A smaller Apple iPhone aimed at budget shoppers could be just around the corner, according to new research from industry experts.
Analysts from Strategy Analytics, Topeka Markets, Jefferies & Co and Telsyte speculate that a midrange Apple iPhone -- speculatively titled the 'iPhone Mini' -- is likely to be announced by the Cupertino tech giant in a bid to compete with cheaper Android offerings.
The estimated timeframe for the new device range from mid-2013 to 2016.
Strategy Analytics was the most conservative:
"The iPhone 5 is growing fast and profitably right now, so there is little incentive for Apple to launch an 'iPhone Mini' this year," said Neil Mawston, executive director at Strategy Analytics, in an email interview with Reuters.
"We think Apple will have to launch an 'iPhone Mini' at some point over the next three years."
Topeka Markets analyst Brian White believes a smaller, low-cost iPhone could land as early as June 2013. He also predicts the device will come in a variety of different colours.
"The next iPhone [will offer] different screen sizes that we believe will allow Apple to better bifurcate the market and expand its reach," White wrote in a research report published last week.
"This eventually opens up the possibility for a lower-priced iPhone (i.e., iPhone mini) with a smaller screen size."
These claims were echoed by an earlier research report from Jefferies' analyst Peter Misek, which states that a low-cost iPhone is awaiting production approval from Apple.
"Our checks indicate that the next iPhone will have more choices for customers," Misek said in his report.
"This entails an expansion in both the color patterns and screen sizes with the next iPhone that we currently believe will be launched in May/June with certain supply production starting in March/April."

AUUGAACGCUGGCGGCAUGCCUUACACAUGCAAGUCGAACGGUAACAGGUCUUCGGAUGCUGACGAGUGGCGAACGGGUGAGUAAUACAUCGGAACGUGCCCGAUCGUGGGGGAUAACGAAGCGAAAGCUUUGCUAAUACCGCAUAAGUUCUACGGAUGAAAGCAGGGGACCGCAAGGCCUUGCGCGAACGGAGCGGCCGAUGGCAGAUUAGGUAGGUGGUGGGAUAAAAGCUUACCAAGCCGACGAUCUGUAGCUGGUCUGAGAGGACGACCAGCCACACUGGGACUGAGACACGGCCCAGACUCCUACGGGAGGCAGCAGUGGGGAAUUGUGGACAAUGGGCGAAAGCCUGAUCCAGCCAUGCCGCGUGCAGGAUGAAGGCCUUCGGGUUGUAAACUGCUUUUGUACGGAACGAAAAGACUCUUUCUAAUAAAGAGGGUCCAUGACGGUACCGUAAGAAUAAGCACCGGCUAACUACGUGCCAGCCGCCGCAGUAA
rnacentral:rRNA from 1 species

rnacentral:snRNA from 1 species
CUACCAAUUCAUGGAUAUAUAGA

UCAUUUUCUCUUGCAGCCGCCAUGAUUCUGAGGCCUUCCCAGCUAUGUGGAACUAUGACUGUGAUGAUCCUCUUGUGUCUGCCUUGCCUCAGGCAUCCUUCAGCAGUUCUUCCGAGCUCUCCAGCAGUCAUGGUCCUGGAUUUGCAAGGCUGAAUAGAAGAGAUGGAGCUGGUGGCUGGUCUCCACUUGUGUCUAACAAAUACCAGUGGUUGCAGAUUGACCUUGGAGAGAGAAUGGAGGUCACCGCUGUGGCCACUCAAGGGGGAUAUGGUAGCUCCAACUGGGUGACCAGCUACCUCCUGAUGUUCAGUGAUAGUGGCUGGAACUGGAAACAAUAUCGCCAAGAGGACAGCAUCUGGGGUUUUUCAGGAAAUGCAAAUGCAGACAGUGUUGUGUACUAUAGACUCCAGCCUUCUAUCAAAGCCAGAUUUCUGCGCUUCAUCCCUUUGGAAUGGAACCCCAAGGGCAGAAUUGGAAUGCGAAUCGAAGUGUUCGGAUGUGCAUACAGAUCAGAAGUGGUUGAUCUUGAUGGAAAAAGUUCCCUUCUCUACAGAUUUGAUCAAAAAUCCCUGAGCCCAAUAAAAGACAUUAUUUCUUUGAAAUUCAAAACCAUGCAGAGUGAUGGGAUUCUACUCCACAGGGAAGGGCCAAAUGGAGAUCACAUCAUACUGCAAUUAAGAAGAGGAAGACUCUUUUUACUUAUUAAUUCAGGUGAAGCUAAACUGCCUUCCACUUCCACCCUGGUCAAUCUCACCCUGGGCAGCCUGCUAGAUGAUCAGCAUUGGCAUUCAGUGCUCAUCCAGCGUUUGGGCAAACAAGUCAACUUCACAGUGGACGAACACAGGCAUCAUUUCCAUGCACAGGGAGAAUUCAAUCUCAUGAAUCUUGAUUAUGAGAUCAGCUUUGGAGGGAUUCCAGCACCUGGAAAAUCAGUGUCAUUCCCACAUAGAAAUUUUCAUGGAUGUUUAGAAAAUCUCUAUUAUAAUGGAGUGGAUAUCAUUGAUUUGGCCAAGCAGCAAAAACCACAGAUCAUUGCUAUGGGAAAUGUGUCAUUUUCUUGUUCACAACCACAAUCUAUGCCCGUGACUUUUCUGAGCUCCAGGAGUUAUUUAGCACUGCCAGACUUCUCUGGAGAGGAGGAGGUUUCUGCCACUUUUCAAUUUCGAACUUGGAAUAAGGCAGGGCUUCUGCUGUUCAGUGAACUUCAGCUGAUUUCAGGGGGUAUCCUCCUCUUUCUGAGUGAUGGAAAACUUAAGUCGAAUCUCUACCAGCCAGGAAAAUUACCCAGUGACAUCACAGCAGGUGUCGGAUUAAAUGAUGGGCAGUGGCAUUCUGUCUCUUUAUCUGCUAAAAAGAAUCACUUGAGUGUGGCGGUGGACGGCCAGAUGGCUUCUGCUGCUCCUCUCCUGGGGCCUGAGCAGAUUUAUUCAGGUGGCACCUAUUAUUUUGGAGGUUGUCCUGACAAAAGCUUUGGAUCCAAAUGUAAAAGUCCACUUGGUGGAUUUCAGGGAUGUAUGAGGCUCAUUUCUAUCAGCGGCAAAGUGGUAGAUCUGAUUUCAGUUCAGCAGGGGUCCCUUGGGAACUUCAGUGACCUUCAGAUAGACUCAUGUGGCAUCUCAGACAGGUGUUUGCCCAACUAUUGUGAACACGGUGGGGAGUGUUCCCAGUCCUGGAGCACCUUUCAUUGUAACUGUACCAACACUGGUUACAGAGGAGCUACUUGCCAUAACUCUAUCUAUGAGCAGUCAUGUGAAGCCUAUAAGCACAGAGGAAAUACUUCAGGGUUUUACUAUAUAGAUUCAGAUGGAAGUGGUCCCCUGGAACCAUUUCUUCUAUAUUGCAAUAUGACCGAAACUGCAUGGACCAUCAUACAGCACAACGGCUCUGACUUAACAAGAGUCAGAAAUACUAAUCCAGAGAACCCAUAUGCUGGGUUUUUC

Telsyte research director Foad Fadaghi is betting on a cheaper iPhone device to be announced in the first half of the year.
"For Apple to be effective in this segment it needs to come to market soon with a Mini or other similar type product," Fadaghi told iTnews.
"It probably can't wait around too long because the Android players in that space are moving very quickly and are taking up a lot of market share. The opportunity is really right now – I'd assume within the next six months we will probably see some sort of lower-cost iPhone model available.
"It comes down to Apple being adaptive to market conditions and addressing the opportunity outside the premium market," Fadaghi said.
"In the past, Apple has tried to address that market with older models at lower prices. But this strategy probably has to be adjusted."
Any shortfalls in hardware margins could be compensated from gains in sales of digital content, he said.
"Apple makes a lot of money from selling digital content; the more users it has, the better opportunity it has to make revenue from apps and also retain developers and the other ecosystem players it's built up over the years."
Fadaghi said he expected the device to be in the "$200-$300 price category" in the US, and "maybe $100 more" in Australia.
"This pricing is typical of what you'd expect from a budget-conscious smartphone."
"I don’t think Apple is at risk of losing market share by bringing out a downmarket product. It's proven it can do that successfully in other markets, such as tablets with the iPad Mini and MP3 players with the iPod Nano. So is had experience addressing different market segments with different products without cannibalising sales of its premium products.
"It's unlikely that a low-cost iPhone would have 4G for example, or an expensive larger screen or high capacity storage. If some of those costs can be taken out, you can begin to approach the pre-paid market as well as the direct product market which it can sell through its own stores."